will stevenson


Will Stevenson has an inimitable talent. Blending rap and spoken word to effortlessly deliver a full-frontal assault on the senses, his work tears up rule books and challenges societal paradigms. He is sarcastic, yet serious; witty, yet a wally - and as one half of the incredible Switchblade Society alongside Michaela Violet, he is an up-and-coming Big Deal in the Manchester spoken word scene. 

Will's work in five words:

  • Acerbic

  • Rhythmic

  • Daft

  • Political

  • Anarchic

Switchblade Society is a unique space that offers poets the opportunity to hear their work read aloud by another artist. It is one of the city's most welcoming spoken word nights - an absolute riot - and it takes place monthly at The Peer Hat in the Northern Quarter.

We sat down with Will for a chat about his upcoming work:

You run Switchblade Society with your partner Michaela - how did the idea for it come about? 

On a night time stroll through Fallowfield. I read out a poem one of Michaela’s friends put on Instagram, and she noted how differently I read it compared to how he would have done. We thought it was a fascinating idea, and I’d been wanting to start up an inclusive new poetry night for a while, so the idea fell into place.

Switchblade is a unique night in that poets read other poets’ work as well as their own. What’s your favourite poem that you wish you’d written?

Ultimate Denim Concert by Antony Szmeriek, Doglike by Rory Aaron and Are You Drinking? by Bukowski. Sorry, I know that’s three.

You are a rapper as well as a poet – some would say they are one and the same. Do you think there is a difference between the two and, if so, what is it?

Absolutely! You get crossover acts like Kae Tempest, you get some really lyrical rappers like Black Thought or Talib Kweli, and you get some beautifully rhythmic poetry from the likes of Gil Scott Heron, but excelling at both requires a different skill set - for hip hop,  you need to understand how to ride a beat, how to use your voice, how to write a hook. I didn’t used to think there was a difference; it took a while to call myself a poet, and it negatively affected both my poetry and my music. You have to sit down to do both and flex different parts of your brain. Hip hop should be allowed to just be fun sometimes, away from the complex imagery and multi-syllabic rhymes of the Kendrick’s and the Dave’s of the world - and I really love those artists, for the record. Hip hop is diverse and massive: Playboy Carti isn’t a poet, but he’s a great rapper. People like Biggie, Big L, Killer Mike, Jay Z though? They can write better double entendres than most poets in the world. It’s a different form that uses some similar techniques. 

You, like our founder Rebecca, are also an English teacher. How do you think approaches to poetry could be developed in education to bring more young people into the spoken-word fold?

We recently had an extract booklet created, and the most recent poet studied was Simon Armitage. Now, I’ve got time for Armitage, but he isn’t setting children's brains alight. I’d look at introducing poetry through looking at assonance and sibilance, rhyme schemes and puns, double entendre and irony before analysing theme and structure. Shakespeare needs to be in the syllabus - witty, rich and ripe for interesting discussion once broken down well -  but we should make space for Roger Robinson, Hollie Mcnish, Kano, Kae Tempest, Bukowski, Jenny Zhang, Walt Whitman and Polar Bear, too. Talking to kids in their own language would help put a foothold in that world. It’s the only area we really seem to do that with; you wouldn’t want the aim of someone’s first swimming lesson to swim the channel, but we do teach children to study The Prelude and Paradise Lost before they’re 16. Let’s build up to that. Decolonising the classroom is a big buzz term at the minute, but we’re still focusing on the same texts and providing different interpretations. Let’s look at de-middle-classing the curriculum next.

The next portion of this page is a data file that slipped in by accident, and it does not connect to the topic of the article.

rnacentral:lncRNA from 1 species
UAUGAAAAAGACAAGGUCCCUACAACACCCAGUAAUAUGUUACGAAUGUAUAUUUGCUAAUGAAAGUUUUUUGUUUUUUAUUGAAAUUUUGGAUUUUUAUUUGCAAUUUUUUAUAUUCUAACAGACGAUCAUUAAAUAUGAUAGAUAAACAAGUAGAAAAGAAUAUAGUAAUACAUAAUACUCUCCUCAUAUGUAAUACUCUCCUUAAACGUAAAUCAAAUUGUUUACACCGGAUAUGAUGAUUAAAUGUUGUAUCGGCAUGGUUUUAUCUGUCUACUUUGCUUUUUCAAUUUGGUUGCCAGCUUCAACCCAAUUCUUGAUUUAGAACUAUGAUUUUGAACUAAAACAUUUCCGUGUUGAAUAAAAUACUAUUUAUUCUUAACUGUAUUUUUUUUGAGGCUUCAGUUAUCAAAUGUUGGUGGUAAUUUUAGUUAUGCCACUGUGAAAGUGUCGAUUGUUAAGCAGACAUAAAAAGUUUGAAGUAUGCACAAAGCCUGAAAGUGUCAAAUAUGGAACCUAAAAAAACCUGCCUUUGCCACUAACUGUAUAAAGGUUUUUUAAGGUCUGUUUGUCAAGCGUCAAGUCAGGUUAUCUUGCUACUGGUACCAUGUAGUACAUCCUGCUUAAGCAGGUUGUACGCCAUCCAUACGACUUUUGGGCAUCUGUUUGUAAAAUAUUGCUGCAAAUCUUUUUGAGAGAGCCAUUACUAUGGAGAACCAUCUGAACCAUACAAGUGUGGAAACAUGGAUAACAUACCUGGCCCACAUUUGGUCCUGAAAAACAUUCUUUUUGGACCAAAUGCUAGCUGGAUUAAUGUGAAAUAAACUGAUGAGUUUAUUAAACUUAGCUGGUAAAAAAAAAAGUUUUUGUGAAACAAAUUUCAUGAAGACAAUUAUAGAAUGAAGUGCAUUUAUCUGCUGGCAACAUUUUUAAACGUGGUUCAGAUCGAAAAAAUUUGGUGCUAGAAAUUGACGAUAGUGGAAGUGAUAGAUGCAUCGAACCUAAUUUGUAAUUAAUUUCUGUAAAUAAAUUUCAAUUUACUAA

What’s your favourite Bolton scran?

Being vegan doesn’t make it easy in the land of pasties and pies, but The Chubby Northerner’s favourite shop Carrs have started a vegan range recently, which is absolutely wicked. Can’t beat a good chippy tea either; we’ve popped into Olympus just for a large plate of chips in a fancy setting a few times. 

You are an epic performer and your spoken word is a joy to watch. What’s your favourite piece to perform?

I’ve retired it for the moment, but the call and response parts of Market Street are great fun. I always like to play around freestyling the end part to fit the event I’m at.

Who are your favourite artists on the scene at the moment, and aside from Switchblade, which spoken word nights would you recommend to budding wordsmiths?

Big question. Too many to name, really. The aforementioned Rory and Antony, Romina Ramos coming out of Bolton, Steph Lonsdale is a Salfordian joy whenever she’s about. Reece Ayres AKA The Fragile Poet astounds me everytime. Steve Brown, Tonkabell, Rebecca Phythian, Steve Mingle. Erin Bolens blew me away when I saw her at Verbose; I bought her book immediately. Verbose itself is a fantastic event put on by two wonderful poets, Amy King and Adam Evans, who are both doing incredible things. Griot Gabriel is one half of The Poetry Place, a relatively new night I highly recommend over in the ARMR store in Ardwick. Otherwise, Punk In Drublic and Speak Easy are two long running nights I’ve got to shout out. This list could be longer than the whole article. Manchester is on fire.

What would you like to achieve with your poetry, ultimately?

Honestly? I wanna be everywhere. I wanna be in big venues; I wanna be in school classrooms. I wanna be in bookshops; I wanna be in libraries. I wanna do workshops with kids and show them stuff I never saw. I definitely don’t want an MBE though.


Will's collection, Title TBC, arrives in Winter